My record label at the time and my manager Annie arranged a meeting for Gary and myself to discuss us working together on some of his songs that he felt would be perfect for me to sing. I agreed they would and we started to record The Tower. They reminded me of songs I’d sung with Magnum from an earlier period, so my heart was very much with them and he ended up writing another two albums for me, Legends and Middle Earth, both in a very AOR rock style. As for Paul, he played keyboards with band name Hard Rain, a band formed by Tony Clarkin and Myself and offered to take over from Gary, who had done enough for me and himself. Paul’s songs were harder edged, more metallic sounding altogether, but still commercial, which brought out another side of my voice and Empires Burn gave me a new direction to follow and a wider audience, which I’m hoping to expand with Spirit of Man. I enjoyed working with them both and we are all still good friends.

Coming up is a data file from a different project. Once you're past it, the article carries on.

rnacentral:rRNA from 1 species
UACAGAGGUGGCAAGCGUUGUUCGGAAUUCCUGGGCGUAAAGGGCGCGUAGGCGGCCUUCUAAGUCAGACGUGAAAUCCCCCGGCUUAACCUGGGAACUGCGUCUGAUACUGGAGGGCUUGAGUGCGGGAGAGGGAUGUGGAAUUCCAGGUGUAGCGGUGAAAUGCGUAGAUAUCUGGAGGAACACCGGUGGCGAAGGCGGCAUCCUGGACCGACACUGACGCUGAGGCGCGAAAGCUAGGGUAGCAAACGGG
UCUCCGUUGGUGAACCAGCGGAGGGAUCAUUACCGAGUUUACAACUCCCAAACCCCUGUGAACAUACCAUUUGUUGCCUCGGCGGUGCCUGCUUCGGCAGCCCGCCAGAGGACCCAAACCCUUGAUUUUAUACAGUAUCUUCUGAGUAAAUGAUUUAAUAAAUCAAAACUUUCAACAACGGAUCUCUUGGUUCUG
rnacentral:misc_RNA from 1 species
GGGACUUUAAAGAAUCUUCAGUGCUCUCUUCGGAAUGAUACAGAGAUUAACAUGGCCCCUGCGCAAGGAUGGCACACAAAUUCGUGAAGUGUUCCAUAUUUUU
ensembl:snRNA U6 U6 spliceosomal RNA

What do you feel about playing with people who is growth up listening to your music?

I know they have a lot of respect for me and where I come from and it’s really great to work with the likes of Vince O’Regan, Dave Thompson and Paul Uttly from Lost Weekend, Oliver Wakeman, Jamie Little and Gavin Cooper, from my solo band, because we all want to make the same kind of music that I’ve always loved and they all think and feel the same, so we’re all on the same level, despite our age differences, because age does not matter with music!

Which are the differencies between working with a band and as soloist?
As a solo artist you’re responsible for making all the decisions who you work with. Luckily I have a great manager who takes care of the business side and co-ordinates between record label and promoters alike, but I choose who’s in the band and who writes songs for me and if it all goes wrong the buck stops at me, but I don’t intent to let that happen, ever!